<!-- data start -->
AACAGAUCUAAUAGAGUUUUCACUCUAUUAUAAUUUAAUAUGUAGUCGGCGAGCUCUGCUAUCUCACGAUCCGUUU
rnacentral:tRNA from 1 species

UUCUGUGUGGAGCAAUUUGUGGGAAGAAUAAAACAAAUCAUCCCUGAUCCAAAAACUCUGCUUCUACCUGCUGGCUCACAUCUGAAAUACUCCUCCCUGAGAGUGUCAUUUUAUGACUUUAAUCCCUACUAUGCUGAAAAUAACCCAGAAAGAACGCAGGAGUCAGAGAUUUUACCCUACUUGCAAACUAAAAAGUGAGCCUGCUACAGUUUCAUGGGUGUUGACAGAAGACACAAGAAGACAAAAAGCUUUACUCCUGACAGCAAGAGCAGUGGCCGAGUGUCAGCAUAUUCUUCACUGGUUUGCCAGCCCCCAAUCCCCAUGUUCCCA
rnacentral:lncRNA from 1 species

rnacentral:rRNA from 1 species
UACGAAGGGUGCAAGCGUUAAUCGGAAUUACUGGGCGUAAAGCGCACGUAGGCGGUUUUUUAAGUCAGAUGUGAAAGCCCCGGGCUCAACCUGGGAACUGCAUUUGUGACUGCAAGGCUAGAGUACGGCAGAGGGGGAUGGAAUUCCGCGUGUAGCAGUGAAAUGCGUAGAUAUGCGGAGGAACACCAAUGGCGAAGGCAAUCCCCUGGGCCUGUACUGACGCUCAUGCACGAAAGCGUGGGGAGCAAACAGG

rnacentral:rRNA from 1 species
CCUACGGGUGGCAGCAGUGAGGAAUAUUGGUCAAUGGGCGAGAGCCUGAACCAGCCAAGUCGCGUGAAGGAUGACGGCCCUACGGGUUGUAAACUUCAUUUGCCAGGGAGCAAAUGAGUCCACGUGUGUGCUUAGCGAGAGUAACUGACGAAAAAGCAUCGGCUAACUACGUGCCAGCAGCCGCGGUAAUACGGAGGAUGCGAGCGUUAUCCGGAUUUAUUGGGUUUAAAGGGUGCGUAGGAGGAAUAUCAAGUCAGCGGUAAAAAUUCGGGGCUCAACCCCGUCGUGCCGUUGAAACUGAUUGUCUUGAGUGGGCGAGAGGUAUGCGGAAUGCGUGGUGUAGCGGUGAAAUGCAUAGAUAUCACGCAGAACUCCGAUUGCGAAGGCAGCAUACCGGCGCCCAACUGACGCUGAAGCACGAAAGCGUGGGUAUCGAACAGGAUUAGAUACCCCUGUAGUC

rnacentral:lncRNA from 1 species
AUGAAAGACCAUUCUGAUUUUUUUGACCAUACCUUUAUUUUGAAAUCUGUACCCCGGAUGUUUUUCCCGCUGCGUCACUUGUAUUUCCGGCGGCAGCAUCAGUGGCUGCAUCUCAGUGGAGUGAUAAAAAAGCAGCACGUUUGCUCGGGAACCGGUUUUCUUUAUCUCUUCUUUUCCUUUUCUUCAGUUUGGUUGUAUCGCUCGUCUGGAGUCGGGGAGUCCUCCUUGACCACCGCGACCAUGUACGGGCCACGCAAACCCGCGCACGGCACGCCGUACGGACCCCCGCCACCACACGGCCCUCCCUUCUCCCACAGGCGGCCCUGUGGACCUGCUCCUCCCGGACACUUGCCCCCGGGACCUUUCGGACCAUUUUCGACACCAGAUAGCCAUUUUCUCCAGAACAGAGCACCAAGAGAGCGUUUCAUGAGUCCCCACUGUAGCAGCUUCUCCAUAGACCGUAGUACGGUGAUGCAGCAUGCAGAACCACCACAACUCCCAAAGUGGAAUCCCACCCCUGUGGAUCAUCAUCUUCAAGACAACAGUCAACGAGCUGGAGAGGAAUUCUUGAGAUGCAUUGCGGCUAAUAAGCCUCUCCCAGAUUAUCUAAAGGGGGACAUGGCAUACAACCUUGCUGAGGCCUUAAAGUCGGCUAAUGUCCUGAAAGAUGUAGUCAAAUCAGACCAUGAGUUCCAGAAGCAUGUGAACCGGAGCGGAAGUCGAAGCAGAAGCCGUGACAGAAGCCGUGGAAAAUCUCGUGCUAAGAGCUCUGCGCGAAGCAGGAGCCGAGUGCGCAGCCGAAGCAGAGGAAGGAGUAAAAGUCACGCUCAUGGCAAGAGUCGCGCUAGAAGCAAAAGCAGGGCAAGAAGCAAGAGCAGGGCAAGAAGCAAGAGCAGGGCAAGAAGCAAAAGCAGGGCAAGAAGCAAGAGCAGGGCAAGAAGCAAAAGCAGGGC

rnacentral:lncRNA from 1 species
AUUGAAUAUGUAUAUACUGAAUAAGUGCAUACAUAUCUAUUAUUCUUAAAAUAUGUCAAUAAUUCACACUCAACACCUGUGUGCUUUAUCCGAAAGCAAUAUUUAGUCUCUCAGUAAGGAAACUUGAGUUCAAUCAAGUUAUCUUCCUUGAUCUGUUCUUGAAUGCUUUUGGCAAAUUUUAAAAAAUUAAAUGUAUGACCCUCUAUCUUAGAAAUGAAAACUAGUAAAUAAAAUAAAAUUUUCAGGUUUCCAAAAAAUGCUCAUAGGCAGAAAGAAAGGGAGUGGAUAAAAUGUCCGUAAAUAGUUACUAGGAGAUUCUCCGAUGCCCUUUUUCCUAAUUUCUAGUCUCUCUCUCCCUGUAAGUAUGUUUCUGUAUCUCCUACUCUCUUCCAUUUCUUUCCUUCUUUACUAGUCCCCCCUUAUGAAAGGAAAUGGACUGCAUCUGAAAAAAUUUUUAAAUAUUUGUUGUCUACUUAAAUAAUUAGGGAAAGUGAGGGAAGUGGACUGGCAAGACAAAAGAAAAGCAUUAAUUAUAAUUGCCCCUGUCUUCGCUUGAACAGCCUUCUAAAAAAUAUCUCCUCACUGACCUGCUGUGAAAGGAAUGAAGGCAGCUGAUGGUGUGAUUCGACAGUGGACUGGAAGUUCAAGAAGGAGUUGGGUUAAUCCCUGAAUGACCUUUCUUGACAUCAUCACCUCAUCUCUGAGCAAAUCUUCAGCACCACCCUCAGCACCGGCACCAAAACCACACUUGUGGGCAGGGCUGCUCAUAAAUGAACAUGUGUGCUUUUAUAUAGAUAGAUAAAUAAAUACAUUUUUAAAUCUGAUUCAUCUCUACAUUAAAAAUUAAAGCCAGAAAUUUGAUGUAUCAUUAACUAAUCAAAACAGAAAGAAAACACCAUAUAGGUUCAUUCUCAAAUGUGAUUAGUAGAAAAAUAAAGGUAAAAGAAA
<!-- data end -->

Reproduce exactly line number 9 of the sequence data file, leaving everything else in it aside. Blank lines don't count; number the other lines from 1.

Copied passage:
rnacentral:lncRNA from 1 species